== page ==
December 5, 2009
I should clarify that I’m not suggesting Anne didn’t have influence. I think she had enormous influence, as had the people she and her faction promoted, such as Cromwell and Cranmer. But that influence was dependant on Henry allowing it. He went along with Cromwell’s advice regarding the Cleves marriage because he saw the merit in it, and he went along with the plot against Anne because he wanted to, just as he went along with the ideas of Cromwell and Cranmer in order to achieve his marriage to Anne. That’s what I mean when I say it was all down to Henry in the end. Nothing could be achieved without his consent, and he approved advice which resulted in him getting what he wanted. Whatever influence anyone had had over him the Reformation would never have happened if he hadn’t have been prepared to go down that path.
Nothing could be achieved without his consent, and he approved advice which resulted in him getting what he wanted. Whatever influence anyone had had over him the Reformation would never have happened if he hadn’t have been prepared to go down that path.
Oh definitely, Henry was always the one calling the shots.
Debunking the myths about Anne Boleyn
September 8, 2012
Anne’s Death was NOT JUSTIFIED!!!! If one reads Ives and Starky’s book ( as well as the 7 others I have read-Denny-Warnicke-Frasier-Weir etc…) she was obviously “set up”. I find it interesting that the charges were NOT divulged to her when she was arrested!!!! The case against her was, In Roman historian opinion, at best weak!!!! Also the Charges were just plain ludicrous!!!! Thanks
January 3, 2012
November 18, 2010
Equally so she didn’t deserve to die and neither did Dereham after all what had they actually done wrong? .
One of the charges against Dereham was treason since he’d tolld his friend Davenport “I’m sure I might marry her” should the king die.( Jane Boleyn, the true story of the infamous Lady Rochford, p 274)
THat simple statement was enough to condemn him in the same way that Anne’s similar words to Norris were.
It's always bunnies.
April 17, 2012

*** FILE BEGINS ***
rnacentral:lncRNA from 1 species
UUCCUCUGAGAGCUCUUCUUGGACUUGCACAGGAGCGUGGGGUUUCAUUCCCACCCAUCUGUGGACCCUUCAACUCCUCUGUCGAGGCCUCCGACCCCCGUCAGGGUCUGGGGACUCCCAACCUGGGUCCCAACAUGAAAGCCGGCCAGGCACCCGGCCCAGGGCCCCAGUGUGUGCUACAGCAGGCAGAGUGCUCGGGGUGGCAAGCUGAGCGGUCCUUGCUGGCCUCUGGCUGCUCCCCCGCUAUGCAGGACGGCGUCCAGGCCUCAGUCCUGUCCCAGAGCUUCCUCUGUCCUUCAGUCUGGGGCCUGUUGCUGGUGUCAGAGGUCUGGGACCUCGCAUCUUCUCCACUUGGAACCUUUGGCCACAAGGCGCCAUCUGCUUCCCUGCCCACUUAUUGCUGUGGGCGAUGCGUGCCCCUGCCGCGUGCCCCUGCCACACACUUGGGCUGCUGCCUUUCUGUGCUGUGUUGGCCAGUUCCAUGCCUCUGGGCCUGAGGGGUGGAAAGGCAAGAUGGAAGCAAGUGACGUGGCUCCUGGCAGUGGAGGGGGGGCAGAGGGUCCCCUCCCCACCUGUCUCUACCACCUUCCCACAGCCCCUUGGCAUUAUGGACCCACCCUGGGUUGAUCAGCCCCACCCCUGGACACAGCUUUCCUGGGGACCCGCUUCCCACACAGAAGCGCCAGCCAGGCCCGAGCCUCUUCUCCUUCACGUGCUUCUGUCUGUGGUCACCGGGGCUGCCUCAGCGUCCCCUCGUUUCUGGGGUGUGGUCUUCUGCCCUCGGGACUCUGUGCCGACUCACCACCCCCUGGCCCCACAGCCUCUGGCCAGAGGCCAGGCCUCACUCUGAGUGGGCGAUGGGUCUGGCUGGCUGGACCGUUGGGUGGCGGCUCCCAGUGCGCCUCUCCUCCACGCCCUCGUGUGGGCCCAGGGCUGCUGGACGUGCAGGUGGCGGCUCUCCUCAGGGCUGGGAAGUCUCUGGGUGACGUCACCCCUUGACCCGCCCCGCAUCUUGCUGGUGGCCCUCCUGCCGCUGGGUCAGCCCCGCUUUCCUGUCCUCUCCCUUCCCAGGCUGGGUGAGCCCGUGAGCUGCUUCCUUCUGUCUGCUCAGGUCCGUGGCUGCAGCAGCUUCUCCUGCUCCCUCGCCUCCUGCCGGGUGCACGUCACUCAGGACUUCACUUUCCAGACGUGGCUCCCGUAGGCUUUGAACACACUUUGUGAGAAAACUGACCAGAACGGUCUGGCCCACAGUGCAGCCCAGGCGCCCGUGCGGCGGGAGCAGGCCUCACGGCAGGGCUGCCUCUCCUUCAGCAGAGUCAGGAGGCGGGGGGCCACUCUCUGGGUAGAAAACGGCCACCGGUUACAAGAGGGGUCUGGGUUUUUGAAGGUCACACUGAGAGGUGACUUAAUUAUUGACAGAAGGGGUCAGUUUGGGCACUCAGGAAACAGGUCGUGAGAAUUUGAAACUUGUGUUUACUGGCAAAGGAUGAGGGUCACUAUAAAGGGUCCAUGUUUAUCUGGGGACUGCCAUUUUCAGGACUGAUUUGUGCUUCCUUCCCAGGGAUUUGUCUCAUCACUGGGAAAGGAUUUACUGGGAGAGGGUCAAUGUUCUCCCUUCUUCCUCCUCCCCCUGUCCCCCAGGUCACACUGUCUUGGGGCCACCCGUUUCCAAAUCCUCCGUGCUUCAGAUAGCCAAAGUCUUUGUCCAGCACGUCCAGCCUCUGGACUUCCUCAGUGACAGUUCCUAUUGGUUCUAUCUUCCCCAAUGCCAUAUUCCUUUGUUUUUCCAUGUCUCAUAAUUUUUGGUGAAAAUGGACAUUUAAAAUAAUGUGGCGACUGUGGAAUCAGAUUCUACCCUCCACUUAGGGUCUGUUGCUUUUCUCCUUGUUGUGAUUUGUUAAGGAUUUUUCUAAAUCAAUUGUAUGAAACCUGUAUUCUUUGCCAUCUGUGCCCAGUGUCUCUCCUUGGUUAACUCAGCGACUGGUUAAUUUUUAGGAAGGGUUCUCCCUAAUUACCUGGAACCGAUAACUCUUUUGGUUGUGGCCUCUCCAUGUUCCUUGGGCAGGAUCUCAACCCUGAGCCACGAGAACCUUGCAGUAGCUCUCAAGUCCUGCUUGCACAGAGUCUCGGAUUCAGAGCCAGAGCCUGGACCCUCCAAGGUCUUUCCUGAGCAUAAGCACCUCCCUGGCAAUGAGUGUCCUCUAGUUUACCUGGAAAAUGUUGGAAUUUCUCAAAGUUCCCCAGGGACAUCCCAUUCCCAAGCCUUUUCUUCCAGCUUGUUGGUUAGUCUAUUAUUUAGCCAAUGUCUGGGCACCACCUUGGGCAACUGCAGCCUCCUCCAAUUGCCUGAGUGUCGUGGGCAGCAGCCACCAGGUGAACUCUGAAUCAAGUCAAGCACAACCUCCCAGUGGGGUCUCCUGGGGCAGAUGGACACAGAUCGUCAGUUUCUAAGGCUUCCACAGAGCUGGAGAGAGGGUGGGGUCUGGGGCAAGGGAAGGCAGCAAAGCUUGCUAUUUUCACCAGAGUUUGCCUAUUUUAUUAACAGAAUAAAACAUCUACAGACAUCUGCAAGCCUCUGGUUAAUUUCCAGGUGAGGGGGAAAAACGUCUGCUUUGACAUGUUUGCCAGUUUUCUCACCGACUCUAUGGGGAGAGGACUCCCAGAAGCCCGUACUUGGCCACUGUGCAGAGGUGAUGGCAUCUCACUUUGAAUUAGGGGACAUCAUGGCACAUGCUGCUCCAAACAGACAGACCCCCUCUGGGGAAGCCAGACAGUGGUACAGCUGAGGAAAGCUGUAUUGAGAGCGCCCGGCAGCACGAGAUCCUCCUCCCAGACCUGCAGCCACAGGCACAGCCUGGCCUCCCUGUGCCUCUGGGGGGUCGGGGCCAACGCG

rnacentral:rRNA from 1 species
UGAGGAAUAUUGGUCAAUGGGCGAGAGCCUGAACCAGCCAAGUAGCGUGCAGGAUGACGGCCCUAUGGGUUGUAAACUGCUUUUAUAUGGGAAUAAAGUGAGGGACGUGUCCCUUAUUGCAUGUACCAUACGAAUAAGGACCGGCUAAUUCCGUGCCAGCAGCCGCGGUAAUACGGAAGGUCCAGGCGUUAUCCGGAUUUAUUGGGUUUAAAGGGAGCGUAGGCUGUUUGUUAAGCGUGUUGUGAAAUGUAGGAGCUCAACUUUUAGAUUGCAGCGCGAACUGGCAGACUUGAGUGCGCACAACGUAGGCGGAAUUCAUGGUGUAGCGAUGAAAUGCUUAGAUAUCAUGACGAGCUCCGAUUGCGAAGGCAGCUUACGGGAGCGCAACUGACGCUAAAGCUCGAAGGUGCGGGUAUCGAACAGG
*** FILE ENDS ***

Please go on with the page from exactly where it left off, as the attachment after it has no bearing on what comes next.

I think the real question is, is it ever acceptable for someone to die at the hands of anyone other than God? Is the hand of an anointed King (or Queen) the representation of God on earth? And therefore, does the anointment at the coronation ceremony make a King (or Queen) infallible? This is not a necessarily a question of religion, but a question of ethics. How deeply did Henry VIII believe himself to be the hand of God on earth, and did he therefore believe himself and his actions to be infallible? Reformation or not, were Henry’s subjects entitled to believe his actions were susceptible to the same morality as their own, or was their faith in God ingrained with their faith in their King, and therefore, despite moral ethics, were they obliged to take his actions as infallible? This was a time without uniformity of laws, of corruption due to irregular legal standards between those with wealth and nobility and those without, at this time, were the immoral actions of a King entirely excusable due to his being crowned King? Is it possible for people today to make accurate judgments of personal morality regarding actions made at a time when there was only one unique and mandatory moral belief system? Even if we knew definatively every fact and detail regarding the death of Anne Boleyn, and indeed any person put to death by Henry VIII, would it be possible for us to make an objective judgement despite these detrimental moral differences? Is it possible that the question of the justification of Anne Boleyn’s death is really a very simple one afterall? Could it really be a simple question of humanity, and is that why to this day we all have a deep rooted opinion as to whether her death was justified? Could any fact or detail change the immorality of any man, even a King, putting his wife, or indeed any person to death no matter what their crime? Is it fair for us to make judgement on the guilt and sentence of a woman, regardless of how much we think we know her and her story, or should we just all admit that no matter what the circumstances, no matter what our thoughts and beliefs on the subject, a man putting his wife to death is fundamentally wrong?
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